Transport Action joins CUTRIC efforts for low-carbon mobility

By Transport Action | Intercity Rail and Bus

Dec 01

Transport Action and some of our volunteers have been participating in conferences and events with the Canadian Urban Transit Research and Innovation Consortium (CUTRIC) over the past few years, and we have now formalized this relationship by becoming a member organization of the consortium, in order to collaborate on their Smart Rail Innovation Program. One of the topics where our mandate complements the consortium’s work is hydrogen propulsion for passenger rail, and we will be working with CUTRIC toward getting that technology on the rails here in Canada.

The consortium held its Low Carbon Smart Mobility Conference and Smart Rail Technology Conference in Scarborough at the end of November 2022, as a hybrid event with both online and on-site attendees.

Terence Johnson and Michael Olivier both attended on behalf of Transport Action Canada, and Terence Johnson delivered a presentation on the electrification of rail-bus hubs, including the opportunity to use train stations as hubs with safe waiting areas for passengers, facilities for transit and motorcoach drivers, and land on which to locate charging equipment, even where Canada’s passenger rail services are currently paltry or lacking. Smarter grids and the integration of zero emission transit as utility services provide a path to net-zero sustainable growth in our cities, and Transport Action’s interest in this area of research includes ensuring that the benefits of such technologies become available to all areas of Canada.

One of the keynote speeches of the conference was delivered by Alstom’s Olivier Marcil, presenting the case for the High Frequency Rail project to be built with high speed running at up to 300 km/h on some segments, notably including an all-new alignment between Peterborough and Perth, while retaining interoperability with conventional rail, similar to Amtrak’s North East Corridor, for which Alstom is currently delivering its Avelia Liberty trains to replace the Acela Express equipment. It is sobering that the NEC is on its second generation of high-speed equipment while Canada is still prevaricating about the Quebec-Windsor corridor.

The opportunity to decarbonise rail transport in Canada using hydrogen was a significant area of discussion, with Canadian Pacific’s project to convert a freight locomotive for use between Calgary and Edmonton presented, and the successes and challenges experience deploying hydrogen-powered passenger rail in Europe discussed by panelists including Bertram Ludwig, Research Coordinator of ÖBB (Austrian Federal Railways).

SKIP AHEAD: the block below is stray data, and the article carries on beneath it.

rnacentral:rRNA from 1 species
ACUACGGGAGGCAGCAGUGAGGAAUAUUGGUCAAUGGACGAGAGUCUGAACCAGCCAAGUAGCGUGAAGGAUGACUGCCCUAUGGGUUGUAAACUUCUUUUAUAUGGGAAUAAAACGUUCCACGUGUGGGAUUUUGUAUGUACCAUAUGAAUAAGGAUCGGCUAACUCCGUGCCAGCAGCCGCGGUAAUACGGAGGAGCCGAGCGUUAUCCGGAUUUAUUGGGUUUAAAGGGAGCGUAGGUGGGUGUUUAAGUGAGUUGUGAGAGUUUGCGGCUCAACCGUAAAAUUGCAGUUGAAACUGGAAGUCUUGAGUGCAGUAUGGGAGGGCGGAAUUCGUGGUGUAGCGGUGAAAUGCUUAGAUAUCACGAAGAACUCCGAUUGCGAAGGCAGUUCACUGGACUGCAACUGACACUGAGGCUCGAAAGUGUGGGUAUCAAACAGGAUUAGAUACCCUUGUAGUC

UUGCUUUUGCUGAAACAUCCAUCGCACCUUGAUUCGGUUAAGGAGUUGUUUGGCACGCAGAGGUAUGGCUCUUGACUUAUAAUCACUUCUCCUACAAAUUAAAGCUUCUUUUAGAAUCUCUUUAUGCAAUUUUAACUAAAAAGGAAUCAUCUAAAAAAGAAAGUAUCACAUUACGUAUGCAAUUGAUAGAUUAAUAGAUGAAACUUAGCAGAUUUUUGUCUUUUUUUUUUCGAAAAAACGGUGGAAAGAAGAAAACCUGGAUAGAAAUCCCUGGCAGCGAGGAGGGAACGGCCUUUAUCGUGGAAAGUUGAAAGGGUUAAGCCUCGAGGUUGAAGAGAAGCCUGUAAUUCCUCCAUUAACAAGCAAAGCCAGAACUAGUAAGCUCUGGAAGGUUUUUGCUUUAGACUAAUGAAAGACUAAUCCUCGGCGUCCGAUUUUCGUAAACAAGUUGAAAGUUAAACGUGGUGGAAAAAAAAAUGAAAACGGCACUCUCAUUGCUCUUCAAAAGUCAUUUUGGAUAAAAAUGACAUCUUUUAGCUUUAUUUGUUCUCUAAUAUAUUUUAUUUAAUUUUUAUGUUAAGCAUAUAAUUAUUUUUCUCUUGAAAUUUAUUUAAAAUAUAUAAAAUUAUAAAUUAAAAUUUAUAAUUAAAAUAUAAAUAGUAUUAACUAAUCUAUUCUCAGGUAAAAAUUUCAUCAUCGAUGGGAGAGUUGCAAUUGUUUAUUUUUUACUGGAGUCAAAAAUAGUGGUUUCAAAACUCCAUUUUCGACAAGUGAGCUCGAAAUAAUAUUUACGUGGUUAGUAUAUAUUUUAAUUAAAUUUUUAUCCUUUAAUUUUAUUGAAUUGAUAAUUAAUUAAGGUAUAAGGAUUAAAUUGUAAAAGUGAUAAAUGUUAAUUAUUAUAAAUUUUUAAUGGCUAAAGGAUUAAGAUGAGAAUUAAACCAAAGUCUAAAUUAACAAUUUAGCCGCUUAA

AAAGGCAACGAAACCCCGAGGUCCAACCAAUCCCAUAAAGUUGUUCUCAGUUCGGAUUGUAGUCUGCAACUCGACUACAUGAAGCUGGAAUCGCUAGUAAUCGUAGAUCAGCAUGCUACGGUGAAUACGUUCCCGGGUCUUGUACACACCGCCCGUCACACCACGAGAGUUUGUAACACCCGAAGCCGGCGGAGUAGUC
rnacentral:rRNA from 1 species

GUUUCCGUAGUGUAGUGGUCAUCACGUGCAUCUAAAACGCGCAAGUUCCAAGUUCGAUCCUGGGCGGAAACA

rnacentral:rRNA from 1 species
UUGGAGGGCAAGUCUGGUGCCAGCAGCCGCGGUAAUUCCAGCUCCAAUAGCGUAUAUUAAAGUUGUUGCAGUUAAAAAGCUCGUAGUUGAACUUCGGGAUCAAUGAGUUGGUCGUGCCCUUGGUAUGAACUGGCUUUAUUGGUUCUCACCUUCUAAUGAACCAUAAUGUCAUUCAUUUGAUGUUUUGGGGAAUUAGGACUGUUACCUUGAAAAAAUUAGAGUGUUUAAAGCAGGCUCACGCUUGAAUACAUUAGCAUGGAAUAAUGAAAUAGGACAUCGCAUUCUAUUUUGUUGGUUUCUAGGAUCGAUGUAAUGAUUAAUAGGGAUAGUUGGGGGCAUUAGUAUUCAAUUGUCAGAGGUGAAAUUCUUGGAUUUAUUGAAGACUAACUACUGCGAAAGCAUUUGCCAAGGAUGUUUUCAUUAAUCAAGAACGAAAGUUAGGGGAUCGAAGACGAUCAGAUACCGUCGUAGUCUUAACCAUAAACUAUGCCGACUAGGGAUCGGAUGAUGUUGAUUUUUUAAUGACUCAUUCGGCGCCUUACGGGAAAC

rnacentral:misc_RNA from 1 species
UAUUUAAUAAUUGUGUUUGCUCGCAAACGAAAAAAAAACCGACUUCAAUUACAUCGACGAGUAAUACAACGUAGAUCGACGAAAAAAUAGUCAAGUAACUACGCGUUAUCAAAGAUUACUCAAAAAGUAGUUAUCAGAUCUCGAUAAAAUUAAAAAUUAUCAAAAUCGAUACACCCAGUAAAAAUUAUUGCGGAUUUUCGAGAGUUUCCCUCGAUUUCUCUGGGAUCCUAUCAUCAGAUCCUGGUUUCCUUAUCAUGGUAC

Ballard, based in BC, and Cummins, which acquired Hydrogenix in Mississauga, provide the technology for most of these projects, making Canada a leading country in the industry, despite not yet having hydrogen-power passenger trains. It is clear that hydrogen is eminently suitable for low-density corridors where the cost of catenary electrification would be hard to justify, particularly on longer routes with a range of up to 1,000 km per fill.

Canada has many such rail corridors, from Vancouver Island to Cape Breton, where a hydrogen train built with Canadian fuel cell technology, would revolutionize the provision of world-class zero-emission mobility to our communities.

The event also included a tour of the Toronto Transit Commission’s Arrow Road garage, which has been upgraded to support the TTC’s first electric buses, and which will be further upgraded, along with the rest of the TTC’s facilities, as the agency transitions to a fully emission-free fleet over the next few years. A key element of the consortiums work is sharing lessons and best practices in zero-emission bus deployment, including being able to model the suitability of routes for battery and hydrogen bus operation.

Through participation in the conference, we met with representatives of the Canadian Standards Association who are working on transit and rail issues, including technical, signalling and safety standards, and we look forward to exploring opportunities to work together in future.

Other sessions at the conference covered the recent autonomous shuttle pilot projects in Toronto and Montreal, on-demand services in communities from Fort Erie to Okotoks, cybersecurity for rail operations, and even the FluxJet hyperloop proposal.

Photograph: Left: Terence Johnson, President, Transport Action Canada. Right: Dr. Josipa Petrunic, President & CEO, CUTRIC.

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